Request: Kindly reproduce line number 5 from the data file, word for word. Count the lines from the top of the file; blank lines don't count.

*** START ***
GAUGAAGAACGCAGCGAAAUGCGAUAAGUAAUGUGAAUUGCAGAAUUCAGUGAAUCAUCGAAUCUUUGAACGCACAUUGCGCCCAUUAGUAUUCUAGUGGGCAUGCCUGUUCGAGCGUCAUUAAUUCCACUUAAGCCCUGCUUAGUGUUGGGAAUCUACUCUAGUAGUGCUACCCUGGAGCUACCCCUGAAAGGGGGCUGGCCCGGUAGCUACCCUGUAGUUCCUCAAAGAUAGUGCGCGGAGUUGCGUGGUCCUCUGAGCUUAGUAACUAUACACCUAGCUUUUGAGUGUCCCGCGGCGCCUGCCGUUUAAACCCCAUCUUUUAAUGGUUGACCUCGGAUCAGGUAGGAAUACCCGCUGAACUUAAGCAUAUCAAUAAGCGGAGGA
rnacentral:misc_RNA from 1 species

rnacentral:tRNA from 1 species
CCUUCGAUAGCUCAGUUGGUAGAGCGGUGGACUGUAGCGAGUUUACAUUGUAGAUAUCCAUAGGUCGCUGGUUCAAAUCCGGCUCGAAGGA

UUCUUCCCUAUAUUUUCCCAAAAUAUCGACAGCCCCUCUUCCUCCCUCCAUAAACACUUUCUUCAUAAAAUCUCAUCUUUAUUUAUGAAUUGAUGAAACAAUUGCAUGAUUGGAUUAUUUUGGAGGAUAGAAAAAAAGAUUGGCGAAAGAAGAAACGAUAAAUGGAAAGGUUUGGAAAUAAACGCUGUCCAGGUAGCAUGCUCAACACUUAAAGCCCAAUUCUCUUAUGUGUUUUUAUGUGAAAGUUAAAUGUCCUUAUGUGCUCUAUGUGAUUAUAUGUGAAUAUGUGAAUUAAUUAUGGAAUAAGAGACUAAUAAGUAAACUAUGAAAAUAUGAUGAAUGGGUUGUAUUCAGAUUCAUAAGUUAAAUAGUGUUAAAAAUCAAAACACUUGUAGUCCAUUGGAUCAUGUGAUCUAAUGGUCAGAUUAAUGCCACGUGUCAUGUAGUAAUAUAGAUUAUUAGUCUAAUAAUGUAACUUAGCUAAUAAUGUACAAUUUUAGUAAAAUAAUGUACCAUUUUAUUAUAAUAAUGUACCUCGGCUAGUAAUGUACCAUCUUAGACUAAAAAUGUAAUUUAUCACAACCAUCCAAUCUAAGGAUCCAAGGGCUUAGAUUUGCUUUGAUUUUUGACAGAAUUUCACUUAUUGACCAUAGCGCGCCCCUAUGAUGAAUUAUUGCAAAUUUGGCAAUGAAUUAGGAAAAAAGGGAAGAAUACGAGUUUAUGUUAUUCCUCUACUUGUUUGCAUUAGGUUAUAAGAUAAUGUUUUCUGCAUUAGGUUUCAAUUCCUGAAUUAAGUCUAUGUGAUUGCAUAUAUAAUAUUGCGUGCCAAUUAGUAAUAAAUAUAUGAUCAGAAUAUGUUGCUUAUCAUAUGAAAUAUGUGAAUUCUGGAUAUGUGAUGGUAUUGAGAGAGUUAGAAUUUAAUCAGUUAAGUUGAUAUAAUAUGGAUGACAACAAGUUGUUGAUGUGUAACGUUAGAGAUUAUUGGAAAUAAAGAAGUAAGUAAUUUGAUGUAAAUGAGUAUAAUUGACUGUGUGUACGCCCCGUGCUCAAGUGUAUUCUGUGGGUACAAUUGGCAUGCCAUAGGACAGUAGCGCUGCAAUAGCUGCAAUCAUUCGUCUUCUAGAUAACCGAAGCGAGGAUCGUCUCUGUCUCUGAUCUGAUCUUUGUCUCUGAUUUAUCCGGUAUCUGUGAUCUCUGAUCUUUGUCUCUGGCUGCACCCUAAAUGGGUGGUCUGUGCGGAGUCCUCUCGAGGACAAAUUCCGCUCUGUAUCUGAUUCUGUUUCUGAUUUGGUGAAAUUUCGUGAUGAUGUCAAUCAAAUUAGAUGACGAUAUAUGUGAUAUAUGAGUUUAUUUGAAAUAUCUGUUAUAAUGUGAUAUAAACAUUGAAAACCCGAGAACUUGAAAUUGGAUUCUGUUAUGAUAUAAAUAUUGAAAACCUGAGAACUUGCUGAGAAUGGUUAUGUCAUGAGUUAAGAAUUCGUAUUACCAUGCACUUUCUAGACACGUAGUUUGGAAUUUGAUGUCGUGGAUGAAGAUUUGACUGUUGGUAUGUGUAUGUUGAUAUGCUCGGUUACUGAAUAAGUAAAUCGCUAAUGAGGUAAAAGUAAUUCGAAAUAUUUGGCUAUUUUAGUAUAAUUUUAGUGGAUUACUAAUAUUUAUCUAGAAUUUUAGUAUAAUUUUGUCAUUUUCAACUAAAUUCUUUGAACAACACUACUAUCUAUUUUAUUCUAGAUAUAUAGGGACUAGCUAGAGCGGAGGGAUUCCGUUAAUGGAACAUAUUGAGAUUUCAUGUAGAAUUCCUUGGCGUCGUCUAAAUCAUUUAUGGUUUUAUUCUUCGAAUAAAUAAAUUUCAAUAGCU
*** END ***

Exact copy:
UUCUUCCCUAUAUUUUCCCAAAAUAUCGACAGCCCCUCUUCCUCCCUCCAUAAACACUUUCUUCAUAAAAUCUCAUCUUUAUUUAUGAAUUGAUGAAACAAUUGCAUGAUUGGAUUAUUUUGGAGGAUAGAAAAAAAGAUUGGCGAAAGAAGAAACGAUAAAUGGAAAGGUUUGGAAAUAAACGCUGUCCAGGUAGCAUGCUCAACACUUAAAGCCCAAUUCUCUUAUGUGUUUUUAUGUGAAAGUUAAAUGUCCUUAUGUGCUCUAUGUGAUUAUAUGUGAAUAUGUGAAUUAAUUAUGGAAUAAGAGACUAAUAAGUAAACUAUGAAAAUAUGAUGAAUGGGUUGUAUUCAGAUUCAUAAGUUAAAUAGUGUUAAAAAUCAAAACACUUGUAGUCCAUUGGAUCAUGUGAUCUAAUGGUCAGAUUAAUGCCACGUGUCAUGUAGUAAUAUAGAUUAUUAGUCUAAUAAUGUAACUUAGCUAAUAAUGUACAAUUUUAGUAAAAUAAUGUACCAUUUUAUUAUAAUAAUGUACCUCGGCUAGUAAUGUACCAUCUUAGACUAAAAAUGUAAUUUAUCACAACCAUCCAAUCUAAGGAUCCAAGGGCUUAGAUUUGCUUUGAUUUUUGACAGAAUUUCACUUAUUGACCAUAGCGCGCCCCUAUGAUGAAUUAUUGCAAAUUUGGCAAUGAAUUAGGAAAAAAGGGAAGAAUACGAGUUUAUGUUAUUCCUCUACUUGUUUGCAUUAGGUUAUAAGAUAAUGUUUUCUGCAUUAGGUUUCAAUUCCUGAAUUAAGUCUAUGUGAUUGCAUAUAUAAUAUUGCGUGCCAAUUAGUAAUAAAUAUAUGAUCAGAAUAUGUUGCUUAUCAUAUGAAAUAUGUGAAUUCUGGAUAUGUGAUGGUAUUGAGAGAGUUAGAAUUUAAUCAGUUAAGUUGAUAUAAUAUGGAUGACAACAAGUUGUUGAUGUGUAACGUUAGAGAUUAUUGGAAAUAAAGAAGUAAGUAAUUUGAUGUAAAUGAGUAUAAUUGACUGUGUGUACGCCCCGUGCUCAAGUGUAUUCUGUGGGUACAAUUGGCAUGCCAUAGGACAGUAGCGCUGCAAUAGCUGCAAUCAUUCGUCUUCUAGAUAACCGAAGCGAGGAUCGUCUCUGUCUCUGAUCUGAUCUUUGUCUCUGAUUUAUCCGGUAUCUGUGAUCUCUGAUCUUUGUCUCUGGCUGCACCCUAAAUGGGUGGUCUGUGCGGAGUCCUCUCGAGGACAAAUUCCGCUCUGUAUCUGAUUCUGUUUCUGAUUUGGUGAAAUUUCGUGAUGAUGUCAAUCAAAUUAGAUGACGAUAUAUGUGAUAUAUGAGUUUAUUUGAAAUAUCUGUUAUAAUGUGAUAUAAACAUUGAAAACCCGAGAACUUGAAAUUGGAUUCUGUUAUGAUAUAAAUAUUGAAAACCUGAGAACUUGCUGAGAAUGGUUAUGUCAUGAGUUAAGAAUUCGUAUUACCAUGCACUUUCUAGACACGUAGUUUGGAAUUUGAUGUCGUGGAUGAAGAUUUGACUGUUGGUAUGUGUAUGUUGAUAUGCUCGGUUACUGAAUAAGUAAAUCGCUAAUGAGGUAAAAGUAAUUCGAAAUAUUUGGCUAUUUUAGUAUAAUUUUAGUGGAUUACUAAUAUUUAUCUAGAAUUUUAGUAUAAUUUUGUCAUUUUCAACUAAAUUCUUUGAACAACACUACUAUCUAUUUUAUUCUAGAUAUAUAGGGACUAGCUAGAGCGGAGGGAUUCCGUUAAUGGAACAUAUUGAGAUUUCAUGUAGAAUUCCUUGGCGUCGUCUAAAUCAUUUAUGGUUUUAUUCUUCGAAUAAAUAAAUUUCAAUAGCU